conyza sumatrensis

Conyza sumatrensis

Herb up to 200cm, with flowers arranged in small off-white spherical flower heads.

Scientific name: Conyza sumatrensis (Retz.) E. Walker

Common names: tall fleabane, broad-leaved fleabane, fleabane

Family: Asteraceae (Compositae)

Status in Portugal: invasive species

Risk Assessment score: (in development)

Synonymy: Conyza albida Sprengel, Conyza albida Willd. Ex. Spreng.

Last update: 09/07/2014

pormenor sumatrensis

Close-up of capitula of Conyza sumatrensis: in flowering (left); in frutification (right).

 

 

How to recognise it

Annual herb up to 200 cm, with a robust look.

Leaves: greyish-green, densely hairy; the inferior leaves are lanceolate with indented margins; the upper leaves are linear-lanceolate, with entire margins.

Flowers: arranged in capitula whose involucral bracts are densely hairy; very small ligules, hardly noticeable to the naked eye.

Fruits: off-white cypselas, with a pappus of 3 mm diameter; capitula (open) with 4-8(10) mm diameter.

Flowering: June to August.

 

Similar species

The several Conyza species in Portugal are very similar and hard to distinguish. Additionally, the Conyza species hybridize very rapidly among themselves, originating hybrids with intermediate characteristics, causing further difficulty in the identification.

Conyza sumatrensis is distinguished from the Conyza bonariensis (hairy fleabane) by having a larger plant type (C. sumatrensis up to 200 cm; C. bonariensis up to 60 cm) and smaller open capitula (C. sumatrensis 4-8 mm; C. bonariensis 8-15 mm).

It may be distinguished from Conyza canadensis (Canadian fleabane) for having involucral bracts and densely hairy leaves (while C. canadensis has no hairs on the involucral bracts and the leaves have cilia only on the margin and on the midrib) and absence of well visible ligules.

Comparison of capitula

Close-up of capitula: comparison of the three most common Conyza species in Portugal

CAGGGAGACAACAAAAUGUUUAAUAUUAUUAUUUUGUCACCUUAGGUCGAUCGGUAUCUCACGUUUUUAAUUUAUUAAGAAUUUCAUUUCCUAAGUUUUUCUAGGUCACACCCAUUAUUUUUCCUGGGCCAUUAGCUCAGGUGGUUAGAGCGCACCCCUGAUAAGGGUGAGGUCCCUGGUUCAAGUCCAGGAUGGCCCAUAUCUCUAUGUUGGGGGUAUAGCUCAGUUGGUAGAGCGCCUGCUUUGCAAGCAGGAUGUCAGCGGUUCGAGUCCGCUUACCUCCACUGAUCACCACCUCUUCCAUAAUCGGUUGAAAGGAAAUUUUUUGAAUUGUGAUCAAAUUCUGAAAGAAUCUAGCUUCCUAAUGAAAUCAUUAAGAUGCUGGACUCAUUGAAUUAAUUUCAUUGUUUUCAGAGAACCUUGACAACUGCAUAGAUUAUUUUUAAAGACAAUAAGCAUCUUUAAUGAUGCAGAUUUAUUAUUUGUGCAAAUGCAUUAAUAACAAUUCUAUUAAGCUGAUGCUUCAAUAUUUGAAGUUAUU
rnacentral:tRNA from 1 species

Characteristics that aid invasion

It propagates by seed, producing a high amount of seeds that are efficiently dispersed by the wind, rapidly enhancing their distribution area.

 

 

Native distribution area

South America.

 

Distribution in Portugal

Mainland Portugal (all provinces), Madeira archipelago (Madeira island).

Geographic areas where there are records of Conyza sumatrensis

Other places where the species is invasive

Europe (Spain, France, Romania, Yugoslavia, United Kingdom).

 

 Introduction reasons

Probably accidental, very ancient.

 

Preferential invasion environments

A ruderal weed species, very frequent in disturbed areas: urban areas, roadsides and croplands or common lands. It also appears in natural and semi-natural areas (e.g., dunes) normally associated to disturbance events.

 

 

Impacts on ecossystems

It forms dense areas that prevent the growth of native vegetation.
 

Economic impacts

High costs in applying control methodologies, mainly in crop areas.

It reduces productivity in crop fields.
 

Other impacts

Due to the high production of pollen, it is considered an allergenic plant.

 

 

Controlling an invasive species demands a well-planned management, which includes the determination of the invaded area, identifying the causes of invasion, assessing the impacts, defining the intervention priorities, selecting the adequate control methodologies and their application. Afterwards it is fundamental to monitor the efficiency of the methodologies and recuperation of the intervened area as to perform, whenever necessary, the follow-up control.

The control methodologies used for Conyza sumatrensis include:

 

Physical control (preferencial methodology)

Hand pulling: it is applied to plants of all sizes. In more compacted substrates, hand pulling should be made during the rainy as to facilitate the removal of the root system.

Agricultural practices of soil mobilization (tilling, harrowing): it is applied to plants of all sizes when dense infestations occur. It should be done before flowering.

 

Chemical control

Foliar application of herbicide. Spray with herbicide (active substance: glyphosate) limiting as much as possible its application to the target species. The herbicide application should be done during the early stages of the plant’s development, before the primary axis is developed.

 

Visit the webpage How to Control for additional and more detailed information about the correct application of these methodologies.

 

Alves P, Aguiar C (2012) Três neófitos novos para a Flora de Portugal. Silva Lusitana 20 (1-2): 136-138.

CABI (2012) Conyza sumatrensis. In: Invasive Species Compendium. CAB International, Wallingford, UK. Available: http://www.cabi.org/isc/ [Retrieved 10/11/2012].

Carvalho JA (2008) Conyza sumatrensis (Retz.) E. Walker In: Silva L, Land EO, Luengo JLR (eds) Flora e fauna terrestre invasora na Macaronésia. Top 100 nos Açores. Madeira e Canárias. Arena, Ponta Delgada, pp. 478-480.

Dana ED, Sanz-Elorza M, Vivas S, Sobrino E (2005) Especies vegetales invasoras en Andalucía. Consejería de Medio Ambiente, Junta de Andalucía, Sevilla, 233pp.

Flora Digital de Portugal (2012) Conyza sumatrensis. Available: http://jb.utad.pt/especie/conyza_sumatrensis [Retrieved 10/11/2012].

Marchante E, Freitas H, Marchante H (2008) Guia prático para a identificação de plantas invasoras de Portugal Continental. Imprensa da Universidade de Coimbra, Coimbra, 183pp.

 

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